There are three main ways in which wave motion differs from the motion of objects made of matter.
The most profound difference is that waves do not display anything analogous to the normal forces between objects that come in contact. Two wave patterns can therefore overlap in the same region of space. Where the two waves coincide, they add together. For instance, suppose that at a certain location in at a certain moment in time, each wave would have had a crest 3 cm above the normal water level. The waves combine at this point to make a 6-cm crest. We use negative numbers to represent depressions in the water. If both waves would have had a trough measuring -3 cm, then they combine to make an extra-deep -6 cm trough. A +3 cm crest and a -3 cm trough result in a height of zero, i.e., the waves momentarily cancel each other out at that point. This additive rule is referred to as the principle of superposition, “superposition” being merely a fancy word for “adding.”
Superposition can occur not just with sinusoidal waves. A pulse is a wave of very short duration. These pulses consist only of a single hump or trough. If you hit a clothesline sharply, you will observe pulses heading off in both directions. This is analogous to the way ripples spread out in all directions when you make a disturbance at one point on water. The same occurs when the hammer on a piano comes up and hits a string.
Experiments to date have not shown any deviation from the principle of superposition in the case of light waves. For other types of waves, it is typically a very good approximation for low-energy waves.
The medium is not transported with the wave.
Suppose you have a series of water waves before reaching a rubber duck, having just passed the duck (middle), and having progressed about a meter beyond the duck. The duck bobs around its initial position, but is not carried along with the wave. This shows that the water itself does not flow outward with the wave. If it did, we could empty one end of a swimming pool simply by kicking up waves! We must distinguish between the motion of the medium (water in this case) and the motion of the wave pattern through the medium. The medium vibrates; the wave progresses through space.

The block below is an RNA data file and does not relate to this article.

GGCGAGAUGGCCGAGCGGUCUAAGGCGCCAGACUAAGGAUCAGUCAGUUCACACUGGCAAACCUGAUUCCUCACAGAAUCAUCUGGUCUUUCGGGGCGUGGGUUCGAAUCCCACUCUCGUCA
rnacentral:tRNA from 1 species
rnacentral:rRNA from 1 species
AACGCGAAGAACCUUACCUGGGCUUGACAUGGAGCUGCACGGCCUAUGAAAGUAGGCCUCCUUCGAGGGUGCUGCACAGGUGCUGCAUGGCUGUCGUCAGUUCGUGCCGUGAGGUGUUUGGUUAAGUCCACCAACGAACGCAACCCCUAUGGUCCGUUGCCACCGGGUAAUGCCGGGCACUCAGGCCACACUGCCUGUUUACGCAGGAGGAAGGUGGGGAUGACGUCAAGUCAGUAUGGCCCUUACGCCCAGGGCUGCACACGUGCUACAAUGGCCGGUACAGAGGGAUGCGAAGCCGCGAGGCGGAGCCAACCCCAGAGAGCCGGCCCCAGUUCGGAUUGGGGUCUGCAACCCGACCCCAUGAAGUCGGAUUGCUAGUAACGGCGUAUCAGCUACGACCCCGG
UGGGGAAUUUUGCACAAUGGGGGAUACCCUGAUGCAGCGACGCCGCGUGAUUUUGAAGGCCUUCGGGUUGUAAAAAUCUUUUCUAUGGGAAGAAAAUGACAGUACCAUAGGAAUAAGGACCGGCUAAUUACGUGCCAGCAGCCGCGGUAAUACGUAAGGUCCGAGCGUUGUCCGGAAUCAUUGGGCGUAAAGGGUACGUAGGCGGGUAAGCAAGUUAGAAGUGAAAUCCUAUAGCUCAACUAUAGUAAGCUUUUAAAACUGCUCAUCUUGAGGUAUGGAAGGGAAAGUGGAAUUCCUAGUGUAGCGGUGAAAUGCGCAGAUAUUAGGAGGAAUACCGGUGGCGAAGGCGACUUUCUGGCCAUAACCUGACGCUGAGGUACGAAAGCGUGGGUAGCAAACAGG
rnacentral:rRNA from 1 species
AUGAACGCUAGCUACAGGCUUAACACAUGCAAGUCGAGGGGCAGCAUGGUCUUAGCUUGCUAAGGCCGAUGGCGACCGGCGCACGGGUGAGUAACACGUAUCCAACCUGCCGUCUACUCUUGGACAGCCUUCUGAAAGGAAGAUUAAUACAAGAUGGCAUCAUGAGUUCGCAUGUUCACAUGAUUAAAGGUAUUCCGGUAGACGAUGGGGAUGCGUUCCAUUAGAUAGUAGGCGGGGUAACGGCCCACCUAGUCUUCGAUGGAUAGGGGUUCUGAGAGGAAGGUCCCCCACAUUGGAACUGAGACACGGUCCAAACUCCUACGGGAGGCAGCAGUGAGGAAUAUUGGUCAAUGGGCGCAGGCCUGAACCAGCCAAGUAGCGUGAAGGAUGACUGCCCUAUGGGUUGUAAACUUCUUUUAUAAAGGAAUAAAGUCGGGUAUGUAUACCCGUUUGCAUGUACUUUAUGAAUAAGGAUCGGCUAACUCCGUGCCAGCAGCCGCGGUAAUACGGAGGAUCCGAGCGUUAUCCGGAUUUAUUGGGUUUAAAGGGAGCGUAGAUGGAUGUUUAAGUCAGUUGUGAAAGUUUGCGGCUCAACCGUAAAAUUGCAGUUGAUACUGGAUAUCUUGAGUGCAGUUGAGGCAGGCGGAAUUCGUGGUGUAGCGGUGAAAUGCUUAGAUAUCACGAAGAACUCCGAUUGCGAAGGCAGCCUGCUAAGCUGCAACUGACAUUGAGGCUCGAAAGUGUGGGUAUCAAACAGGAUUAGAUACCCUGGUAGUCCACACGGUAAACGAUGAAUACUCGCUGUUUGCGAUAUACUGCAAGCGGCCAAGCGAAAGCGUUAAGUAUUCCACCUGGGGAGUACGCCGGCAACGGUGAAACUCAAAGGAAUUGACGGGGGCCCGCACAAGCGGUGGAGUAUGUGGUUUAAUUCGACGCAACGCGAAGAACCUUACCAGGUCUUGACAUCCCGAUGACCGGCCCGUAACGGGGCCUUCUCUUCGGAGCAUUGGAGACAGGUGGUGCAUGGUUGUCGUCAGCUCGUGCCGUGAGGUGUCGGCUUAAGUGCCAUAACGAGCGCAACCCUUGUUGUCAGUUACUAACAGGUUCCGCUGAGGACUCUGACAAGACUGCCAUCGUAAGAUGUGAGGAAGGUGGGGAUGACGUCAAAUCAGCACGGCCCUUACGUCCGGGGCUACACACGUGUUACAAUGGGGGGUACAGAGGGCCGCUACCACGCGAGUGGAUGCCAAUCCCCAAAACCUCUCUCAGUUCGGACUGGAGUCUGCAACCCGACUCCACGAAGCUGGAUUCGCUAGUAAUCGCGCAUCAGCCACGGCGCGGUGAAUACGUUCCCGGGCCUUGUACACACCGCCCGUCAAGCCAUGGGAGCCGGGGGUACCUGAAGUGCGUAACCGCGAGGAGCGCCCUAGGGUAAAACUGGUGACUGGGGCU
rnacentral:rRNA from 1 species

A wave’s velocity depends on the medium.
A material object can move with any velocity, and can be sped up or slowed down by a force that increases or decreases its kinetic energy. Not so with waves. The magnitude of a wave’s velocity depends on the properties of the medium (and perhaps also on the shape of the wave, for certain types of waves). Sound waves travel at about 340 m/s in air, 1000 m/s in helium. If you kick up water waves in a pool, you will find that kicking harder makes waves that are taller (and therefore carry more energy), not faster. The sound waves from an exploding stick of dynamite carry a lot of energy, but are no faster than any other waves. Thus, although both waves and physical objects carry energy as they move through space, the energy of the wave relates to its amplitude, not to its speed.
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